The Purplemelon Press Office 0121 327 1007
Geoff Baker 07966 473 919
Gareth Main 07738 226 580
LAS VEGAS -- A German computer security consultant has shown that he can clone the electronic passports that the United States and other countries are beginning to distribute this year.
The controversial e-passports contain radio frequency ID, or RFID, chips that the U.S. State Department and others say will help thwart document forgery. But Lukas Grunwald, a security consultant with DN-Systems in Germany and an RFID expert, says the data in the chips is easy to copy.
"The whole passport design is totally brain damaged," Grunwald says. "From my point of view all of these RFID passports are a huge waste of money. They're not increasing security at all."
Grunwald plans to demonstrate the cloning technique Thursday at the Black Hat security conference in Las Vegas.
Like totally brain-damaged man - yep that sums up our masters' new obession with tagging us.
19.7 - number of the month
Misrepresentation of environmental science on the internet is widespread and weblogs are by no means a special case. From deforestation rates in the Amazon to climate change statistics, nothing is necessarily how it appears.
Furthermore, unlike most traditional forms of media that have gatekeepers, people whose job it is validate facts, check copy, exert some sort of quality control; the defining characteristic of the blogosphere is its lack of regulation.
Consider these two headlines:
BBC NEWS | Science/Nature | Backing for 'hockey stick' graph
The Earth was hotter in the late 20th Century than it had been in the last 400 or possibly 1,000 years, a report requested by the US Congress concludes.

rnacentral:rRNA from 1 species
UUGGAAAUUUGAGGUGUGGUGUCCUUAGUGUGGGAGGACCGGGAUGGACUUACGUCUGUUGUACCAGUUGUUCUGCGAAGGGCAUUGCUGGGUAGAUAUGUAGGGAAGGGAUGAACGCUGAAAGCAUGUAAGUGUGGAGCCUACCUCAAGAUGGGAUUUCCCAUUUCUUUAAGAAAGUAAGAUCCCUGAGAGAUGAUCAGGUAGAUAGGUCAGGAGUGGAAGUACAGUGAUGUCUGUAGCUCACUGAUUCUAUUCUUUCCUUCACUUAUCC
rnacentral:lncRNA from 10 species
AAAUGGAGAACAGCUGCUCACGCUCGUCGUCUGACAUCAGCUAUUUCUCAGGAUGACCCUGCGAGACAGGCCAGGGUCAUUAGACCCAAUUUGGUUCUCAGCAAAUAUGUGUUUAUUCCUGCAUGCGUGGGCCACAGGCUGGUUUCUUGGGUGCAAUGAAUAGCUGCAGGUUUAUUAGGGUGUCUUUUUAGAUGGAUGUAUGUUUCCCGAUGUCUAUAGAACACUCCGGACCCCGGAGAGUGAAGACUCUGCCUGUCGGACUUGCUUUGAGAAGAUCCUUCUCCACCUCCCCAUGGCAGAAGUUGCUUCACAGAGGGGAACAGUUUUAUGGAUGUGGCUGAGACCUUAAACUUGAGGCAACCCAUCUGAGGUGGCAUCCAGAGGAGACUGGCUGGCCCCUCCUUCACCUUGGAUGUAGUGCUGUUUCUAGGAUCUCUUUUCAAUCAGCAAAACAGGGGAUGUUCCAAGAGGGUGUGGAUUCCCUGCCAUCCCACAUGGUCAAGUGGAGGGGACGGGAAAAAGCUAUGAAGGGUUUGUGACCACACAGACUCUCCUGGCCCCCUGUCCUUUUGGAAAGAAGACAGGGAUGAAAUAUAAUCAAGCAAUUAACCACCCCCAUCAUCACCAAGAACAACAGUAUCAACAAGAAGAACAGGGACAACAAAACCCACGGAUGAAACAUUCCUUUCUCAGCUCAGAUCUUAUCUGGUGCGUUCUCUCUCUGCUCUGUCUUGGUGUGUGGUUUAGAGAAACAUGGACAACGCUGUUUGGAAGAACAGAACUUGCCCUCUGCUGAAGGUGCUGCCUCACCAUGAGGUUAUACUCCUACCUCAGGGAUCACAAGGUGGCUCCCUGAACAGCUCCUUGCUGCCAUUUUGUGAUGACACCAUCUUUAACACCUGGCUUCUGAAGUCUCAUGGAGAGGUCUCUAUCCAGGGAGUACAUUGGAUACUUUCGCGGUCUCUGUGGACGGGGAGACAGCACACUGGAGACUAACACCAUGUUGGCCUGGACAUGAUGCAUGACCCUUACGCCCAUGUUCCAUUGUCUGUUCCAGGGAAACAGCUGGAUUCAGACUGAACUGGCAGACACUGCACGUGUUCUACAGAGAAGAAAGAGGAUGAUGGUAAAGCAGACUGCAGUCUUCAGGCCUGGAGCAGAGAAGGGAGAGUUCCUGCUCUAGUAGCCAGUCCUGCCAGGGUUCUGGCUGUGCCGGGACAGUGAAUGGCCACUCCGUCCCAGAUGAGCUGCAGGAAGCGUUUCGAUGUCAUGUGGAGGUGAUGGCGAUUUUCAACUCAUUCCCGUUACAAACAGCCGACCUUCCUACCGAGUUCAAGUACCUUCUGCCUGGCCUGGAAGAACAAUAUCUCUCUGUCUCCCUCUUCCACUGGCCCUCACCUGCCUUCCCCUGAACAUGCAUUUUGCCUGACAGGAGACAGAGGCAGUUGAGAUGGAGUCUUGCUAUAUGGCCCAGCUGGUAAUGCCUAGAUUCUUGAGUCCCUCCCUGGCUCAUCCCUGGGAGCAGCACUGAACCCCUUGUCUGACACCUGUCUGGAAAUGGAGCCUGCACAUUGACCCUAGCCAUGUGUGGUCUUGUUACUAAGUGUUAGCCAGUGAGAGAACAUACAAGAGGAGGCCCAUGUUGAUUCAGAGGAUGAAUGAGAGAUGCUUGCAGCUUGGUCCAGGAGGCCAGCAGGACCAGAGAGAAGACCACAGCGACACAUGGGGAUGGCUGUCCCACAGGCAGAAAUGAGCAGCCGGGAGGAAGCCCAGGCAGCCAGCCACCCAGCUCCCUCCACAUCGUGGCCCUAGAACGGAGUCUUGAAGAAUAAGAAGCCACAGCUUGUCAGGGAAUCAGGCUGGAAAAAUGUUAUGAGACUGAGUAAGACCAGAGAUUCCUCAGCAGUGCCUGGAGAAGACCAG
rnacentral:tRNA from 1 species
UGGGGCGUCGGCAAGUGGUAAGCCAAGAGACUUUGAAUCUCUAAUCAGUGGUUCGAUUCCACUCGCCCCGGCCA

Report Raises New Questions About Climate Change Assessments
Overall, our committee believes that Dr. Mann’s assessments that the decade of the 1990s was the hottest decade of the millennium and that 1998 was the hottest year of the millennium cannot be supported by his analysis.’
The second headline is the actual report the BBC refers to, but doesn't link to! - go and read the whole thing, don't trust me on it. Remember don't listen to bloggers or do your own research - stick to the BBC and the rest of the MSM where the "gatekeepers" will make sure you get only the facts you ought to.
19.7 is the average July 2006 Temperature you may want to slot into the handy chart I provided here which is the official Met Office Central England Average Temperatures for the last four hundred years and graphs out like this:
Compare and contrast to the official Hockey stick graph:
Update: In response to a comment here are the hottest days graphed out.
A note to farmers
The National Counter Terrorism Security Office has launched its new "Secure Your Fertiliser" website, aimed at the farming and growing community.
I'm not sure I noticed this on the site but I think I can now safely say that anyone hanging round my potting shed eyeing up the bag of Lawn Sand may now be considered a potential terrorist and dealt with accordingly...
Update - as they say on the website:
Key attacks in the UK using fertiliser based explosives
1996 - South Quay, London Docklands
1996 - Manchester
1998 – Omagh, Co. Tyrone
2001 – BBC TV Centre, London
2001 – Ealing Broadway, London